I had the opportunity to virtually attend the Oracle Applications Unlimited Live Show yesterday, and I came away with two impressions.  First, with the current climate severely impacting both business travel and training opportunities, I was very excited about the potential of “virtual conferencing” technology to fill this void.  Second, Oracle continues to impress with their product development, acquisition and marketing strategies related to supply chain management.

So lets begin with Oracle first.  My sense was that this event was yet another outreach from Oracle to test market acceptance of virtual conferencing.  While the overall number of the presentations was very limited, along with virtual exhibitors, the experience for me had lots of potential.  The primary keynote delivered by Ed Abbo, Oracle’s SVP of Applications Development was a great opportunity to again sense the overall direction for Oracle in their applications effort, as well as the opportunity for live chat.  Rick even offered viewers a look at smaller application tools that can aide in people and group productivity, in a time of lean people resources. Unlike past years, the presentation was pragmatic, offering customers and prospects ideas on how technologies can aide businesses in crisis.

I viewed another presentation delivered by Rick Jewell, SVP of Supply Chain Applications Development.  Similarly, the messaging was grounded to today’s realities for Oracle’s technology’s potential in helping companies to minimize product and supply chain costs, optimize inventories, and make more informed decisions.  The notions of stand-alone applications that can be installed in non-Oracle environments, quick implementations and ROI have been blended into product development and go-to-market strategies.  If you paid very close attention, you can literally pick-up on the continued emphasis on customer testimonials and proven results, as well at time-to-value, and oh yes, how these applications can be installed in SAP environments.  I continue to be impressed by Oracle’s supply chain marketing strategies, and other supply chain technology- related marketers should, in my view, look at Oracle as the benchmark for getting clear and succinct product messaging communicated. I’ve commented previously on the impressive depth and breadth of Oracle’s supply chain suite.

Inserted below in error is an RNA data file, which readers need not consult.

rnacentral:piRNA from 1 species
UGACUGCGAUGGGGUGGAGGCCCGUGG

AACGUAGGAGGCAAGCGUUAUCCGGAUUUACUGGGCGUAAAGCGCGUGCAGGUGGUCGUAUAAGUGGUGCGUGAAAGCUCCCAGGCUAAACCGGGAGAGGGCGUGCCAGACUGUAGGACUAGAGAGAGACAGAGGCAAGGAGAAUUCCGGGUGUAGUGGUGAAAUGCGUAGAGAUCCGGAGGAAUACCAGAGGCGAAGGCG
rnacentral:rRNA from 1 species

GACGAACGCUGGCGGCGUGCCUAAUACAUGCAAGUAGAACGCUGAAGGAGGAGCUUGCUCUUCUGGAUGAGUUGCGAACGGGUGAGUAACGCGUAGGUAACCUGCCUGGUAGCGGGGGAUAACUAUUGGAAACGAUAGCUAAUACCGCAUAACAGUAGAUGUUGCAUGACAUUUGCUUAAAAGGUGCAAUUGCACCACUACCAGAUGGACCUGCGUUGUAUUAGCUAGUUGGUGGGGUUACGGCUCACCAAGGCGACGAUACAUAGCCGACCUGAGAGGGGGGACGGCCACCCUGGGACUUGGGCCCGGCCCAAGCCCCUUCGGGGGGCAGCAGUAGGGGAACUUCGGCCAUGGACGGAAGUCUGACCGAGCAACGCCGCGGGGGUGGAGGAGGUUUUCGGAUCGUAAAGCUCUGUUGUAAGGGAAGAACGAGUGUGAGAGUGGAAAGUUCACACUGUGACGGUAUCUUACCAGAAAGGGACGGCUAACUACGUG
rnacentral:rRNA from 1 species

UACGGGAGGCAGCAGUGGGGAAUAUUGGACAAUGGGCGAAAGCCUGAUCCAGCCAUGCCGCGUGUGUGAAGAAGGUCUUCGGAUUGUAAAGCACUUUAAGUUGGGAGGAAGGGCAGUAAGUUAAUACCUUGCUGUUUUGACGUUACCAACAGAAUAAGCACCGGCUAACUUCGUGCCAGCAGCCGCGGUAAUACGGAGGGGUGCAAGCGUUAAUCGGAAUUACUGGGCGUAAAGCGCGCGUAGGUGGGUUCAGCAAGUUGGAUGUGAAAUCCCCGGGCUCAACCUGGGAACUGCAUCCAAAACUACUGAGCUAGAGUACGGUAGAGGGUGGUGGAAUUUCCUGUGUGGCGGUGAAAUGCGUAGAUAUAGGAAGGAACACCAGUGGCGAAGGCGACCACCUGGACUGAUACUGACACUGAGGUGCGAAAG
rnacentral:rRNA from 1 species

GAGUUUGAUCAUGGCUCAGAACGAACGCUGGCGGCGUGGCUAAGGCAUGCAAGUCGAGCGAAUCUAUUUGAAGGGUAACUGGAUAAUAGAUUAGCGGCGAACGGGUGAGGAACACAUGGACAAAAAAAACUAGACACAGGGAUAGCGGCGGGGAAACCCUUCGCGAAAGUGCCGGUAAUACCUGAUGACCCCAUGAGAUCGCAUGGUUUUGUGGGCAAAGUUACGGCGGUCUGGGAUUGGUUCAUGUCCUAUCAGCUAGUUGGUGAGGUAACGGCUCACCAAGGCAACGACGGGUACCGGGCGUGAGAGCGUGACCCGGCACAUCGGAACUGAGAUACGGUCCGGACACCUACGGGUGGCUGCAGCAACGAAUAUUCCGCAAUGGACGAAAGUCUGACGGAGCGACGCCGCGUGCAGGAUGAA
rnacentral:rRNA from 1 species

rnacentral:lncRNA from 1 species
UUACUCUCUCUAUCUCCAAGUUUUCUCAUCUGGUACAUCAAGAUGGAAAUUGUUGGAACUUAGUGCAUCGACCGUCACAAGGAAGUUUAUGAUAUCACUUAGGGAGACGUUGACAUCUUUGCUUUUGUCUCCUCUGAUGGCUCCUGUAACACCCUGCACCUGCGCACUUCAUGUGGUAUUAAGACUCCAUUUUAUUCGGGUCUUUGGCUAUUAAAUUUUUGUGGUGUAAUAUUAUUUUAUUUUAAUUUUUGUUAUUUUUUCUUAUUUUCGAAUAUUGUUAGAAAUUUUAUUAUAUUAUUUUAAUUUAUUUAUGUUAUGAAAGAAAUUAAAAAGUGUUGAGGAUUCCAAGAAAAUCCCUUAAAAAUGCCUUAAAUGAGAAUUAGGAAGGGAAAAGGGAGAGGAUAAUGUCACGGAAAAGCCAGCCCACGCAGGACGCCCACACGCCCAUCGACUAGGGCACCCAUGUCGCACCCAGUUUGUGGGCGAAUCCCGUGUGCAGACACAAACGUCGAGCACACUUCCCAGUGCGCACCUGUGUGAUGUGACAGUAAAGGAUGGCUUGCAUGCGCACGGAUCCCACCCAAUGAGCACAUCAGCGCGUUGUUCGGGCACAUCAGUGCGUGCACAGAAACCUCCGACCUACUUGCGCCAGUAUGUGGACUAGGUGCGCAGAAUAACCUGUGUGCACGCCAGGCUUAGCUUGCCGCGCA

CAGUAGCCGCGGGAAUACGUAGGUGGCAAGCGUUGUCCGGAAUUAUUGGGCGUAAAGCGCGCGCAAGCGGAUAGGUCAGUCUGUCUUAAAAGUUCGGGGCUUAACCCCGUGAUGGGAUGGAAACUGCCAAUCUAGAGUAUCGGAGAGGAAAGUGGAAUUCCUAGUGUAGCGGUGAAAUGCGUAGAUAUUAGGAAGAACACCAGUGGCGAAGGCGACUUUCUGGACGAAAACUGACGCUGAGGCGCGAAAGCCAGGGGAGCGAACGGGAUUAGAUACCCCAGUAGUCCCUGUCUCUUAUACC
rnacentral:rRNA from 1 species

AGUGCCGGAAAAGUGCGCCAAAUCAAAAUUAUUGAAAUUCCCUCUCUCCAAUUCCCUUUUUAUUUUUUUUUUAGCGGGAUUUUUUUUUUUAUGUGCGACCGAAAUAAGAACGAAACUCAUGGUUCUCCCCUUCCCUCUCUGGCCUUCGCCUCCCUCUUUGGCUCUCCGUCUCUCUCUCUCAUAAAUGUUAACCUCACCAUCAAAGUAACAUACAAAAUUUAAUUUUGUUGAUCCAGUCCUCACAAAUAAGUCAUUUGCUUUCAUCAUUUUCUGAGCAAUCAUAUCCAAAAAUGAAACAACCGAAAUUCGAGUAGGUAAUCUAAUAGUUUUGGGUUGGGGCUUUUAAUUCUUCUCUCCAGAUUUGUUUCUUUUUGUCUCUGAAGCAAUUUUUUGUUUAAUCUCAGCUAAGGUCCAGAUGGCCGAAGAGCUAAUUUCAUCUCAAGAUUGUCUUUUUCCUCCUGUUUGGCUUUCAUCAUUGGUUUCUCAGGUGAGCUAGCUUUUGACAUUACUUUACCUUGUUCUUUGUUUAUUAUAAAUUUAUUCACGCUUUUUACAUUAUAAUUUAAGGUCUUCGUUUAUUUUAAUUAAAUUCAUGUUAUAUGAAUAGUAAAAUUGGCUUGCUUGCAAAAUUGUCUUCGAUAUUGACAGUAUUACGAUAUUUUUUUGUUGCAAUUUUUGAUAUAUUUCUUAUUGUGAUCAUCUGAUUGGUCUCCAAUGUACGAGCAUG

The platform for delivering this event was On24, a San Francisco based virtual conferencing provider.  The New York Times provided a recent technology write-up featuring this vendor, along with a listing of other vendors providing virtual conferencing technology offerings.  I found the experience to be quite seamless in terms of my connection, as well as intuitive. Just like a live show, I could visit an auditorium to view the presentations, the exhibit hall booths to view specific demonstrations, and a networking café to connect with other attendees.  In my interaction, I did not sense a lot of other attendees participating in live chats.

This wasn’t the first time I’ve experienced virtual conferencing. Virtual conferencing can be sterile and lacks the opportunity for real human connection.  There is no substitute foe eye to eye contact. But heck, in this economy, it’s a technology that has encountered the “perfect storm” of business needs. Today, many large global companies are taking advantage of this technology, and I believe my fellow marketing professionals should also be taking a hard look at this form of technology, especially over the coming months.  Public relations and professional service organizations should also take note.

Virtual conferencing vendors with smarts should be striving to provide more affordable services for smaller companies who also need these alternatives. These vendors need to be especially sensitive to the reality of lean marketing, travel and training budgets, and should have ala-carte choices for various forms of conferences or trade shows.

If Oracle was looking for a vote of confidence in this delivery medium, I vote yes.

 Bob Ferrari